Reducing Northern Ireland's reliance on public spending could take 25 years, a Government minister has said.
Hugo Swire warned it was unsustainable that three-quarters of the country's product depended on public spending.
He addressed business leaders in Northern Ireland and the Irish Republic at a meeting in Dublin.
"The Coalition is committed to tackling the long-term structural imbalances in the Northern Ireland economy," the Northern Ireland Office minister said. A Treasury paper is expected this year on rebalancing the Northern Ireland economy to encourage private sector activity.
Mr Swire added: "Working closely with the Executive we are looking at ways of turning Northern Ireland into an enterprise zone. And we are examining potential mechanisms for giving the Executive the power to set a different rate of corporation tax to attract new investment - as was done so successfully here in the Republic and we believe that IBEC (Irish Business and Employers' Confederation) and the CBI have an important role to play here. But rebalancing will take time - perhaps as long as 25 years."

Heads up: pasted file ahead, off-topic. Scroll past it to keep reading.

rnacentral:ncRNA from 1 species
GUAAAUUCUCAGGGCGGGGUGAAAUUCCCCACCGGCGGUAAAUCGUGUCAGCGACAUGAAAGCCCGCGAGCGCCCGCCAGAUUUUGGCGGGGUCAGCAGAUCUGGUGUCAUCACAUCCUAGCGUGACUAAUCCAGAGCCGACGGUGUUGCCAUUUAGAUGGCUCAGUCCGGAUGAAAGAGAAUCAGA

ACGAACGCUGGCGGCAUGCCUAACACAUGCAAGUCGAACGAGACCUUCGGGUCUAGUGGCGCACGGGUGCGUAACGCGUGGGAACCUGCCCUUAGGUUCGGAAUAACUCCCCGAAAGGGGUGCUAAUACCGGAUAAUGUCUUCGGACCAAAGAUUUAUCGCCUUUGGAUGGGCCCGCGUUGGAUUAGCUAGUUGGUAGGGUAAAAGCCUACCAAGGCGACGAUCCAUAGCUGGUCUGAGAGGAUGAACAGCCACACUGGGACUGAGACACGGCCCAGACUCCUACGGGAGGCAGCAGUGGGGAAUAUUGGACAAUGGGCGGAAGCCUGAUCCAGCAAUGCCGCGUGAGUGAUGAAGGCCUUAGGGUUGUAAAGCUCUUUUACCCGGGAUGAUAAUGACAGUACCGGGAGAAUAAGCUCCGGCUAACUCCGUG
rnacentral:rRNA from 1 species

Northern Ireland Secretary Owen Paterson has said he is surprised by the hostile reaction of Stormont politicians to the Government's Spending Review. The coalition has been accused of breaking promises of £18 billion funding for Northern Ireland made by Gordon Brown in 2007. Mr Paterson said the capital fund had been reduced but they were otherwise "carrying on where he left off".
Mr Swire said in Northern Ireland, departments faced making savings of 6.9% over four years.
"That's £1.70 in every £100 the Executive spends," he said. "And it compares to average reductions of more than 8% across UK departments and 25% for the Northern Ireland Office. So Northern Ireland has actually done proportionately better from the CSR (Comprehensive Spending Review) than other parts of the UK."
"It's now essential that the Executive completes the task of setting a budget so that it can deliver the services on which people rely. And as any business knows it needs an early budget in order to plan properly for the future."
The Executive has accused Mr Paterson of not doing enough to lobby the Treasury for Northern Ireland.